How To Quit Smoking

“Getting kids to butt out” was the topic of my column last week. We also discussed Medicine Hat School District No 76’s “Tobacco-free Environment” Policy A-38. Today, we will take the subject little further.

We know that no one starts smoking after the age of 20. Most smokers start smoking in their teens. We know that 91 percent of youth believe smoking is addictive. We know the two reasons why teens start smoking are: peer pressure (“be cool, man!”), and curiosity.

So, how can we stop teenagers from picking up this habit? And help smoking teenagers kick the habit?

Prevention programs depend on creating public awareness of the serious health consequences of tobacco use. But the Alberta Cancer Board says: “It is now recognized that awareness alone is not enough to alter behaviours. For example, it is ineffective to teach children that smoking is bad for you if the students then go home to parents who smoke, or go to the mall or other public places and see widespread social acceptance of tobacco use.”

To encourage and help people become and remain tobacco free, it is also necessary to create a supportive social environment, says the Cancer Board. Does our school system have such supportive social environment?

Ninety percent of everything we do is habit, says Kurt Hanks in “Motivating People”. Much of motivation involves changing someone’s habits. People are usually quite comfortable with their established patterns and routines. So how can we change them?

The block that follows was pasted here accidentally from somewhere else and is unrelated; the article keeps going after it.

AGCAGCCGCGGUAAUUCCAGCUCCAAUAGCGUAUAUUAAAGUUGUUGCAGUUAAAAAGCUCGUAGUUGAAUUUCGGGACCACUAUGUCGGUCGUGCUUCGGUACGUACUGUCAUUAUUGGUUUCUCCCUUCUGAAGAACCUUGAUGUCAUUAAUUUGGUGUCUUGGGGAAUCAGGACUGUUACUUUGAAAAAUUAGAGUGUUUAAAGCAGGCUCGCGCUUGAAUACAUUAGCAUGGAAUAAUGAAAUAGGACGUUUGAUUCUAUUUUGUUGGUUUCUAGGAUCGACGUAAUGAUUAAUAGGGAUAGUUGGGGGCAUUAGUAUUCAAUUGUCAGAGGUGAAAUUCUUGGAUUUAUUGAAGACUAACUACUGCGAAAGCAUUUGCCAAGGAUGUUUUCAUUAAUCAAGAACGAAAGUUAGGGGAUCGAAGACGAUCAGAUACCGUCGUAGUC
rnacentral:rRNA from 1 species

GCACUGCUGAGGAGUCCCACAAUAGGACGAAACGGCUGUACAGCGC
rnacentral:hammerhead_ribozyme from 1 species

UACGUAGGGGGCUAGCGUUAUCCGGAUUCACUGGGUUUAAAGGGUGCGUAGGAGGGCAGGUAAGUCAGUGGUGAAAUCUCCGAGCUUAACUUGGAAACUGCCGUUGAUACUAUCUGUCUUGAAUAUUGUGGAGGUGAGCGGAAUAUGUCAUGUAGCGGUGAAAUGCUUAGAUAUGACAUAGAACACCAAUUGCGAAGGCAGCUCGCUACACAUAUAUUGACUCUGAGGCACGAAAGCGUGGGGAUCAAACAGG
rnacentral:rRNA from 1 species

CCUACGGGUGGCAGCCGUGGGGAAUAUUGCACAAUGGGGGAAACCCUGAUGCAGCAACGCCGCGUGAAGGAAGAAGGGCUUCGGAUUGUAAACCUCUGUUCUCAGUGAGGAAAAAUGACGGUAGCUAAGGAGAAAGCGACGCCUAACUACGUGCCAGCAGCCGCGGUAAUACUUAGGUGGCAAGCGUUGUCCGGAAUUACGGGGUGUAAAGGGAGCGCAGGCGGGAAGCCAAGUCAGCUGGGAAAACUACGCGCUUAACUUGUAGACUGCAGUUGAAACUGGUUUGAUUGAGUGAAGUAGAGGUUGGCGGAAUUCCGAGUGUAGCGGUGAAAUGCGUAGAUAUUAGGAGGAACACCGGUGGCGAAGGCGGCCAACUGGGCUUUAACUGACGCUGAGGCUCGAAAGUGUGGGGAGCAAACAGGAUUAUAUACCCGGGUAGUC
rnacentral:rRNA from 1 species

To change someone’s habit pattern, you have to substitute a better habit pattern. We have to show them that their time and money can be spent on better and healthier things. Besides that, personal motivation plays a big role.

Personal motivation is the single most important factor that determines a person’s success or failure in quitting cigarettes, says Dr. Edward Beattie, Jr., M.D. in “Toward the Conquest of Cancer.”

The man or woman who is highly motivated to stop smoking – for whatever reason – will be successful while those with weak or moderate motivation often do not succeed, says Dr. Beattie. Personal motivation also determines whether a smoker who has quit will backslide into smoking again.

The teenager does not fear cancer or other illness that may strike him in 20 to 30 years. But he does fear being “uncool”, not knowing how to handle a cigarette, and not being an “in” member of his social group, says Dr. Beattie.

It is never too late to quit smoking. The risk of death decreases soon after quitting and continues to do so for at least 10-15 years. After that, the overall risk is nearly the same level as for never-smokers.

Therefore, it is very important for schools to have programs that focus on prevention and elimination of smoking in and around schools. This should involve parents, teachers and students. We should also create a supportive social environment for teenagers to keep them away from this deadly disease.

The task is not easy. But the parents and teachers should get together and organize some serious preventative measures that we can all try and make it work. Does anybody talk to the kids who stand across from their schools and smoke? Do their parents know they smoke?

Finally, let us remember that cigarette smoking is the largest single preventable cause of cancer. It is also the largest single preventable cause of illness and premature death in Canada. Smoking accounts for almost 30 percent of all cancer deaths and kills almost 3,500 Albertans and 45,000 Canadians each year – more people than killed by heroin, cocaine, alcohol, AIDS, fires, murders, suicides and car crashes combined.

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